His realization, which he pursued with co-founder John DeNero, was that machine learning systems worked well not simply as a tool for translation, but as tool for translators. Working in concert with a translation system makes them faster and better at their work, lightening the cognitive load.
The basic idea of Lilt’s tool is that the system provides translations for the next sentence or paragraph, as a reference for structure, tense, idiom and so on that the translator can consult and, at least potentially, work faster and better. Lilt claims a 5x increase in words per hour translated, and says the results are as good or better than a strictly human translation.
“We published papers — we knew the technology worked. We’d worked with translators and had done some large-scale experiments,” Green said, but the question was how to proceed.
Talk to a big company and get them interested? “We went through this process of realizing that the big companies are really focused on the consumer applications — not anywhere there’s a quality threshold, which is really the entire translation industry,” Green said.
Stay in academic research, get a grant and open-source it? “The money kind of dried up,” Green explained: money was lavishly allocated after 9/11 with the idea of improving intelligence and communication, but a decade later the sense of urgency had departed, and with it much of the grant cash.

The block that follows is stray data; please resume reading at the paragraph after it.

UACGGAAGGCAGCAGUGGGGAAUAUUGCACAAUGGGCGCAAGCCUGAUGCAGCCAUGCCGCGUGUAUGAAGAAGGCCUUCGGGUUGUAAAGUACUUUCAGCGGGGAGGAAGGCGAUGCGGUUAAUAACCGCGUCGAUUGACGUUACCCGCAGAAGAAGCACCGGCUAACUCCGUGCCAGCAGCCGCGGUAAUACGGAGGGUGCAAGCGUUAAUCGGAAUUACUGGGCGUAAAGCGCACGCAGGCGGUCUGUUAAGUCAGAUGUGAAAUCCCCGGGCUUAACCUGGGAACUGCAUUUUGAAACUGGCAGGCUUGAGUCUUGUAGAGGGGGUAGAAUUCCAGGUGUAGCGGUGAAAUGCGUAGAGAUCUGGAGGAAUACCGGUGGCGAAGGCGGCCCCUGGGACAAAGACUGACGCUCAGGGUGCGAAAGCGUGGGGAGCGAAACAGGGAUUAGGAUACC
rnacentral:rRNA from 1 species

Start a company? “We knew the technology was inevitable,” he said. “The question was who would bring it to market.” So they decided it would be them.
Interestingly, a major change in language translation took place around the time they were really getting to work on it. Statistical neural network systems gave way to attention-based ones; these have a natural sort of affinity to efficiently and effectively parsing things like sentences, where each word exists not like a pixel in an image, but is dependent on the words nearby it in a structured way. They basically had to reinvent their core translation system, but it was ultimately for the better.